Renewable energies have gained in popularity over the past few years and are now being used in aviation. Wright Electric is working on an electric engine, called Wright 1, with a power of 1.5 Megawatt. The first flight tests of this engine are planned for 2023. The goal is to achieve a 100% electric aircraft by 2030, on flights of one hour or less.
For its part, Dassault took part in the Solar Impulse project. In 2015-2016, an aircraft flew around the world for the first time without fuel or polluting emissions during the flight.
Among these renewable energies, many hopes have been placed in hydrogen. On June 9, 2020, the French Minister of the Economy, Bruno Le Maire, unveiled his plan to support the French aeronautics industry. This plan includes a 15-billion-euro package with the aim of developing a 100% green airliner by 2035. Hydrogen could be used as a fuel, in modified engines or via a fuel cell that produces electricity by reacting with oxygen in the air. However, for a plane to be 100% green, green hydrogen should be used. However, this remains very expensive. Moreover, hydrogen is bulkier than kerosene for the same power. It would therefore be necessary to modify the storage space in the aircraft.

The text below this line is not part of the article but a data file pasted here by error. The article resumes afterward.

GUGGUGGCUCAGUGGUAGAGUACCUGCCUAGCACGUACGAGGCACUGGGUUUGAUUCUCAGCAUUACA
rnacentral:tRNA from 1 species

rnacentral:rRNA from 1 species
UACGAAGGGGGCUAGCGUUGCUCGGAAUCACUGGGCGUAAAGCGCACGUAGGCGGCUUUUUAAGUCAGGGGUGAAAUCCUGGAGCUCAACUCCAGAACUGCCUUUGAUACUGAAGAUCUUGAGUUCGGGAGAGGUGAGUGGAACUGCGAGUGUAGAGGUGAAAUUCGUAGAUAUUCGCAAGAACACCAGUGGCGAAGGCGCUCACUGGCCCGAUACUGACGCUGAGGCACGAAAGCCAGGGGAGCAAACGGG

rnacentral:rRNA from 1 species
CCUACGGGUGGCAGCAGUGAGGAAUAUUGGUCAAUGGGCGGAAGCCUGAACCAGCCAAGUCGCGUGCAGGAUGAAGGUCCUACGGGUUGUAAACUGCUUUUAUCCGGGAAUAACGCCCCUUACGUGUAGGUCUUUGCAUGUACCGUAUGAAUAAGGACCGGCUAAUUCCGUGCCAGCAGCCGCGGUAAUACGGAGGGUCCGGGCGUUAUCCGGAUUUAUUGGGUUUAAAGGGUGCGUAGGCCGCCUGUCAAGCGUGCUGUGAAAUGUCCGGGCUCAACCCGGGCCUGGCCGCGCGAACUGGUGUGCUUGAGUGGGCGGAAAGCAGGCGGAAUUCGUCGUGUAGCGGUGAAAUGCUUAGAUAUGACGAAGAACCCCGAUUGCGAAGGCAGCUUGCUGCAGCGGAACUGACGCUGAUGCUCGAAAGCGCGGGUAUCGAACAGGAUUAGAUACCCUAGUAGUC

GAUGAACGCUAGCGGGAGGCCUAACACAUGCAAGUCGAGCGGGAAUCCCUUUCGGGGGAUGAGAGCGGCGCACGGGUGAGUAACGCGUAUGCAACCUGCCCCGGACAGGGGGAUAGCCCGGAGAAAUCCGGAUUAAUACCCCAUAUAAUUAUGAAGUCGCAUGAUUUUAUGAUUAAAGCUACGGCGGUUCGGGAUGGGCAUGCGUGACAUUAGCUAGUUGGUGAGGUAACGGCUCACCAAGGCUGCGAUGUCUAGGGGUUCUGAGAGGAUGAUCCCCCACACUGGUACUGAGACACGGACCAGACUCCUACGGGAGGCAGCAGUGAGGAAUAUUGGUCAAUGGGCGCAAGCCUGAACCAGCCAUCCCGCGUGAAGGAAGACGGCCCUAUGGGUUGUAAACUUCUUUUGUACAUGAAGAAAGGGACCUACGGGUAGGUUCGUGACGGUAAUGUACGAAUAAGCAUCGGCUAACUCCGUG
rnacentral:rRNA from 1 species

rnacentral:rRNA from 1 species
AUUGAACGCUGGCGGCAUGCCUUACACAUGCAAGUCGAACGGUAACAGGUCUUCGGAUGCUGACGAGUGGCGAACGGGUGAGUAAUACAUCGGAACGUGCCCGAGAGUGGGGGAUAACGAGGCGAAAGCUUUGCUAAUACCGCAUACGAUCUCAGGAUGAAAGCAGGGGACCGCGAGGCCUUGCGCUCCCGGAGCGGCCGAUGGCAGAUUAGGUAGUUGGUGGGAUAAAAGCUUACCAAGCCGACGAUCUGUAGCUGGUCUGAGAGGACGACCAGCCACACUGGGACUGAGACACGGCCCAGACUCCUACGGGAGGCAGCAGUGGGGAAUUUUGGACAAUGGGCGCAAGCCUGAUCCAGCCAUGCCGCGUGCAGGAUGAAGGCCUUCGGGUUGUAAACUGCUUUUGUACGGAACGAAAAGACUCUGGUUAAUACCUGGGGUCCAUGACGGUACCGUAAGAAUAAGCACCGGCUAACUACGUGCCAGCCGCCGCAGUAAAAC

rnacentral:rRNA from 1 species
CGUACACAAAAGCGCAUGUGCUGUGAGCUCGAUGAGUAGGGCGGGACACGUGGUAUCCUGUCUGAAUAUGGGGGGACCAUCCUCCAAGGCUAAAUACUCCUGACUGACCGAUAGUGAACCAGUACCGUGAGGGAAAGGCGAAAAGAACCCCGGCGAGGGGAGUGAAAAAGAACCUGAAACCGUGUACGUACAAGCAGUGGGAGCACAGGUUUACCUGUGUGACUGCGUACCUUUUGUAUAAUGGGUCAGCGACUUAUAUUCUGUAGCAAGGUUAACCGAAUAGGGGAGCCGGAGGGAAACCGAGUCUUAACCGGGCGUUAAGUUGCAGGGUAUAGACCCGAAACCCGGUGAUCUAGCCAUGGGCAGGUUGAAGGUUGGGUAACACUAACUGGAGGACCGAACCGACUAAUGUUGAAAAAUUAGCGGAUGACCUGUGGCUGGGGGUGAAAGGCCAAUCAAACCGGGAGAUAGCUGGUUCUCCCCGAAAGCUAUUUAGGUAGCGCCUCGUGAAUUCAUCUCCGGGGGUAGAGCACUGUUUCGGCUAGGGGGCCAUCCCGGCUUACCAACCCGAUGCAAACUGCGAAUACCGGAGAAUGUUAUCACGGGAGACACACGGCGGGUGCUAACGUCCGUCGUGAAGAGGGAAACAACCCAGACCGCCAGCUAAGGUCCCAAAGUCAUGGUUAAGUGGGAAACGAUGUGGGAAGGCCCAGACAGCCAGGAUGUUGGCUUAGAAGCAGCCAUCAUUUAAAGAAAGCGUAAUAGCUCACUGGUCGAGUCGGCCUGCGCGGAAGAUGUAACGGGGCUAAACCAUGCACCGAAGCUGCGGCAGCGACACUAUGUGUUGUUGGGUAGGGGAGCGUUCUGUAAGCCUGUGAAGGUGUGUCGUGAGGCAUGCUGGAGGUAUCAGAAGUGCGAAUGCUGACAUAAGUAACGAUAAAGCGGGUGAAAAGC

Optimising flight routes
Finally, in addition to designing sustainable aircraft, it seems essential to optimise air traffic. New meteorological tools offer very accurate real-time weather monitoring and allow the pilot to adapt the trajectory as early as possible. For example, the German startup WxFusion anticipates lightning strikes with great accuracy.
These tools can also help avoid areas with high concentrations of contrails. Contrails form at high altitudes after jet engines if the surrounding air is sufficiently cold and moist. They can be problematic because they absorb some of the radiation from the Earth and re-emit it to the ground.
For its part, Safety Line offers software solutions to reduce fuel consumption. OptiClimb optimises fuel consumption during the climbing phase, while OptiDirect provides pilots with shortcuts during the flight. Transavia estimates that it saves 85 kg of fuel per climb thanks to this tool.
Thales has developed a complete flight management system called PureFlyt. PureFlyt acts as a co-pilot and helps the pilot optimise flight routes. It continuously calculates the best trajectory at arrival. The goal is to stay as long as possible at altitude, where the engines consume the least amount of fuel, and then to glide down with the engines at idle.
Working together to make air travel greener
As the consequences of climate change become increasingly visible, creating green aircraft has become an emergency. Technologies can help achieve this by reducing carbon emissions throughout the value chain, from aircraft design to flight. Once again, price is a major barrier to these innovations. Public authorities must therefore become more involved and encourage collaborations between innovative startups and corporates in the aeronautics sector.